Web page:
5 hours ago
A Healthy Curiosity: Oil pulling - does it work?
March 24th 2014 / 0 comment
The centuries-old Ayurvedic practice of oil pulling is back in the spotlight, but what is it and does it even work? Peta Bee finds out
Ear candling and cupping are among the more curious health trends to have grabbed the limelight in recent years and now there’s another to add to the list: oil pulling, the art of swishing your mouth with sesame or coconut oil.
So popular is the unusual Ayurvedic detox practice, that a growing number of celebrities and health gurus are swapping their regular mouthwash and flossing routines for the ancient ritual that is said to rid the mouth of harmful bacteria by dissolving it, to leave you with a more gleaming smile than you would get from any whitening toothpaste. Those who are hooked on oil pulling claim the perks don’t end there and include glowing skin, reduced headaches, improved digestion and even less fatigue.
So how is it supposed to work? Julie Dent, owner of the chic Clover Mill Ayurvedic spa in Malvern, Worcestershire, is a fan of the swish-and-spit routine and describes it as the ultimate cleanse for the mouth. “The idea is to hold the organic, unrefined oil - processed stuff won't do - in your mouth, swish it around vigorously, then spit it out and gently massage the gums with a finger afterwards.” Do it regularly, says Dent, who is also a trained scientist, and the daily mouthful of oil “absorbs partially digested bits of food and cells that have been shed out of the mouth cavity”, all of which contain the kind of bacteria that can lead to bad oral health and dental problems. Among the celebrity fans of the practice is Divergent actress Shailene, who has raved about the benefits of oil pulling. "It's amazing! It really makes your teeth whiter, because the plaque on your teeth is not water soluble, it's fat-soluble,” she said in an interview recently. “So the lipids have to dissolve in fats, which is why oil works in your mouth. I prefer sesame oil, but they're both good."
And whereas other health fads come and go, this one has been around for centuries. “Ayurvedic practitioners have been prescribing precise morning rituals for several thousand years,” Dent says. “These include cleaning teeth, then chewing sesame seeds to help receding gums, and swishing your mouth with sesame oil too which is believed to strengthen the teeth, gums, and jaw, improves the voice and remove wrinkles from cheeks.”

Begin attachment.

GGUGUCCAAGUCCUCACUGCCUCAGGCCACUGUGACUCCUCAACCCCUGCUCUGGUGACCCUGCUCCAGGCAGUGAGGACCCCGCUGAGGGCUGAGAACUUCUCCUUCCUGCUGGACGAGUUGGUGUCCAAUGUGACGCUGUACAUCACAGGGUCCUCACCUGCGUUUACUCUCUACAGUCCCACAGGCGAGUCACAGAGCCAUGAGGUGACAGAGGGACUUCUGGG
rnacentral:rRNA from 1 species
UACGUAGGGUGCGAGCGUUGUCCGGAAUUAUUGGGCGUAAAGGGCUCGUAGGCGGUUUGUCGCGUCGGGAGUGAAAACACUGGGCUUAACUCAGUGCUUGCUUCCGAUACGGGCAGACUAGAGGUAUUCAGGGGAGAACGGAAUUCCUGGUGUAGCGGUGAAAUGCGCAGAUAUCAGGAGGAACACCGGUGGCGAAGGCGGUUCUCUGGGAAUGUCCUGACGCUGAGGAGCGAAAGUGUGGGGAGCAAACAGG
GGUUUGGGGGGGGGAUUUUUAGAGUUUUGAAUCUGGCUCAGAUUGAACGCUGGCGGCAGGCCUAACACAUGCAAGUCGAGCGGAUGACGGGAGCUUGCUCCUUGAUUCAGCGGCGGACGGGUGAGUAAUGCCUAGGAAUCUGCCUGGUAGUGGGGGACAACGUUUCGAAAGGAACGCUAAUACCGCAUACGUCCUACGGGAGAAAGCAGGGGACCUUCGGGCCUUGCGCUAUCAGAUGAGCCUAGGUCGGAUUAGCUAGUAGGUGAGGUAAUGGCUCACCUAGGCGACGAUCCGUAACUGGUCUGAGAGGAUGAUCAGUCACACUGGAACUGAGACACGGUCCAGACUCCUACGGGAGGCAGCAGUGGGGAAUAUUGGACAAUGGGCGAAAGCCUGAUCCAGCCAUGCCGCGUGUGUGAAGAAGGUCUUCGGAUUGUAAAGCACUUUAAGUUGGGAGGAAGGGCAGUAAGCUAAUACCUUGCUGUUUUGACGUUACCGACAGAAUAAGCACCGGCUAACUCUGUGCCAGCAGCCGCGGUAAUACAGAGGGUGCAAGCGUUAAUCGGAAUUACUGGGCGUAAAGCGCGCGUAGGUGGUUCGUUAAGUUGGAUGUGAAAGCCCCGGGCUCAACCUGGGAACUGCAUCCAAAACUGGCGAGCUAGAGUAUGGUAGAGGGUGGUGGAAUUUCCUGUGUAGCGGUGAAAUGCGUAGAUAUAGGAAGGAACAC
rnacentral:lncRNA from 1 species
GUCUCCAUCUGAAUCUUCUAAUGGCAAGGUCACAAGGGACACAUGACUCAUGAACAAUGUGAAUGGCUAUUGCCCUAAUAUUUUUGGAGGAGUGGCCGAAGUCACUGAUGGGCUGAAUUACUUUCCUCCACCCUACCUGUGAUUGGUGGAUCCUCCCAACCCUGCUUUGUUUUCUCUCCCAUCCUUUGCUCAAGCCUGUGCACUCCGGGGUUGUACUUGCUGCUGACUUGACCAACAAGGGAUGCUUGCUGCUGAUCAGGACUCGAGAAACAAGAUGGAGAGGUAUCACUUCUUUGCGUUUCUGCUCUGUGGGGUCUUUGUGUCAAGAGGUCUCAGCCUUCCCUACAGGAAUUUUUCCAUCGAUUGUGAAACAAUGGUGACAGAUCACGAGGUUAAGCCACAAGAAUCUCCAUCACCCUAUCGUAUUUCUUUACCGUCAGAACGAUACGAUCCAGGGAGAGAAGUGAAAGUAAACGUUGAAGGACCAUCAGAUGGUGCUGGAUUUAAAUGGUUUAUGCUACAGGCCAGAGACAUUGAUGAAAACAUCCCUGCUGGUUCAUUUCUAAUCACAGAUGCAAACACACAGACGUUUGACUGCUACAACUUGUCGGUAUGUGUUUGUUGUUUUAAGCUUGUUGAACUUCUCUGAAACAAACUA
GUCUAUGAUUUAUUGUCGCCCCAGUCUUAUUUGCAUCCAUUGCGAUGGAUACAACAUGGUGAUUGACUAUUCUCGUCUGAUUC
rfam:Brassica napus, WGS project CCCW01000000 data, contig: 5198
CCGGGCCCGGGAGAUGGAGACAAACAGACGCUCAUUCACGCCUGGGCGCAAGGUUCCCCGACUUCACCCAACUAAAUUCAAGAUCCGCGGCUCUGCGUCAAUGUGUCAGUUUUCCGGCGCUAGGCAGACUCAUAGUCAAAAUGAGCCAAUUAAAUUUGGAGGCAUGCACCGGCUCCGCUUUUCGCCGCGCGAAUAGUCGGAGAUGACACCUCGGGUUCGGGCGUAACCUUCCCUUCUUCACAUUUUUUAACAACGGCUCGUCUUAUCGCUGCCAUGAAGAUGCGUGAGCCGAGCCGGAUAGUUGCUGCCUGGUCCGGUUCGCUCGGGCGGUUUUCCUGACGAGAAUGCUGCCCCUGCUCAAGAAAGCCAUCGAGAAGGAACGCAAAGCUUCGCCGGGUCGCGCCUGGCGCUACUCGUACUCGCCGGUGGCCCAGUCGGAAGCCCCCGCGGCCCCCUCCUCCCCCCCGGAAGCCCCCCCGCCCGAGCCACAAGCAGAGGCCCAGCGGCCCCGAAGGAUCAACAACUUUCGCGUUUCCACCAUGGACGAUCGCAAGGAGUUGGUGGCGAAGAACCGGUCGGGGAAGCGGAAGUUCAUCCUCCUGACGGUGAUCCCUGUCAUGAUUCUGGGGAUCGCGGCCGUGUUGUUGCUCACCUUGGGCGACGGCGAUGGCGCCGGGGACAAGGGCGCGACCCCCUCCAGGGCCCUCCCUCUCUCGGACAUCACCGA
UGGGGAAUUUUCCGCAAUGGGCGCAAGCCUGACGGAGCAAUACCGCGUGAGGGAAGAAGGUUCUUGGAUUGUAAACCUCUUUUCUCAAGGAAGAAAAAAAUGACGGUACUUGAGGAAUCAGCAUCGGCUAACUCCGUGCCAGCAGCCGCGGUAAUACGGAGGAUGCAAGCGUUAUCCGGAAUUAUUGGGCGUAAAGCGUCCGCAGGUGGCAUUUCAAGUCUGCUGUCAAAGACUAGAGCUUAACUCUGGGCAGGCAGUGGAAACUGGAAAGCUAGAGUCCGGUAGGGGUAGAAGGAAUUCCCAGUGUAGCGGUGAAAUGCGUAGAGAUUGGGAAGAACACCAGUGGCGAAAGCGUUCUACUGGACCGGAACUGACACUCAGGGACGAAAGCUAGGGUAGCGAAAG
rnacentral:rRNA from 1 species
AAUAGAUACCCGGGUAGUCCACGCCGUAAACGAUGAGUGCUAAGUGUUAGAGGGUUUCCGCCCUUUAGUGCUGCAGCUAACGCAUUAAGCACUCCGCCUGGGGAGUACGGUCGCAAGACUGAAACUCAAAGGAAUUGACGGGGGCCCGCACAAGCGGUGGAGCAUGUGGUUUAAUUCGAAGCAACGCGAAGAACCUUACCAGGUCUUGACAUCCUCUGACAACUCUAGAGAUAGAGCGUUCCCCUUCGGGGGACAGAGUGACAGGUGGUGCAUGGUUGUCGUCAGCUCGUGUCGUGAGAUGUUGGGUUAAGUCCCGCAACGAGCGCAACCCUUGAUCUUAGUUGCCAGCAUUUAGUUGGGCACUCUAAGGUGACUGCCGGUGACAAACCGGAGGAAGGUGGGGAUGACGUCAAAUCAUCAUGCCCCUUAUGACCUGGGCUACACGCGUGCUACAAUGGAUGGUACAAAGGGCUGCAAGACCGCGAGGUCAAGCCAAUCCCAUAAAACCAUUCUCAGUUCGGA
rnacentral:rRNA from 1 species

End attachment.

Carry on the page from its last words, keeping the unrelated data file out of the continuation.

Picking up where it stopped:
It sounds too good to be true, but increasingly there is scientific evidence to back up at least some of these claims. A study published in the Indian Journal of Dental Research a few years ago, for instance, measured the effects of oil pulling on oral health in two groups of young men. One group were asked to gargle daily for 10 minutes with a traditional commercial mouthwash while the other gargled daily for 10 minutes with unrefined sesame oil. Results showed a healthy immune response against foreign microbes and supported healthy gum and plaque levels in both groups. Another clinical trial showed how swishing oil around the mouth had a ‘detergent’ or cleansing effect on the oral mucosa or lining of the mouth, boosting oral hygiene.
For beginners, the mere thought of swigging oil can be hard to stomach. Even though the idea is never to swallow it (you don’t want to re-ingest all that nasty bacteria), it takes time to adjust to the sensation of oiliness. Alison Mann, an Ayurvedic practitioner based in Herefordshire, says some people find they can only manage a two to five minute rinse when they start. “There is no right or wrong way,” Mann says. “I think around 10 minutes of oil pulling a day is probably ideal, but the ultimate goal is to do it until the viscous oil turns thin and milky white in your mouth.”
Likewise, there is no right or wrong oil to use. Traditionalists prefer to swirl sesame oil, certainly the most studied in terms of its benefits, but coconut oil has become fashionable lately, partly because of its highly publicised anti-microbial properties and partly because it tastes better. “I switched to coconut oil and find it a more pleasant experience,” Mann says. “It really gets the salivary glands working which is something I never got with sesame oil.” Remember to spit out the oil, then swill your mouth once more with water and that's it. Job done.
Mann says she swirls oil in her mouth while working at the computer or doing her house work. And, she says, she noticed benefits as soon as she started oil pulling daily. “I had a small hole in one of my teeth, but the niggling pain disappeared when I started using the oil,” she says. “It was as if it provided some kind of seal for my tooth.” What does seem to matter is keeping it up. Yo-yo oil pulling is about as beneficial as forgetting to brush your teeth every other day. A small, unpublished pilot study conducted by dental hygiene specialists at Loma Linda University in Southern California compared the effects of mouth-swishing with either sesame oil, coconut oil or regular water on levels of Streptococcus mutans, a bacteria associated with a high risk of dental cavities. After two weeks, those using sesame oil experienced a five-fold drop in levels of the mouth bacteria compared to the water group, while the coconut oil group experienced a two-fold decrease. However, once the oil pulling stopped, bacteria levels started to return to pre-trial levels.
It wasn’t enough for the dentists who conducted the trial to recommend it as an alternative to brushing and flossing, but most concede that it can be used as an additional oral hygiene measure. “It’s such a simple and relatively cheap health measure that, for oral hygiene at least, is increasingly steeped in scientific evidence,” says Dent. “You have to develop a taste for it, but once you do there is no turning back.”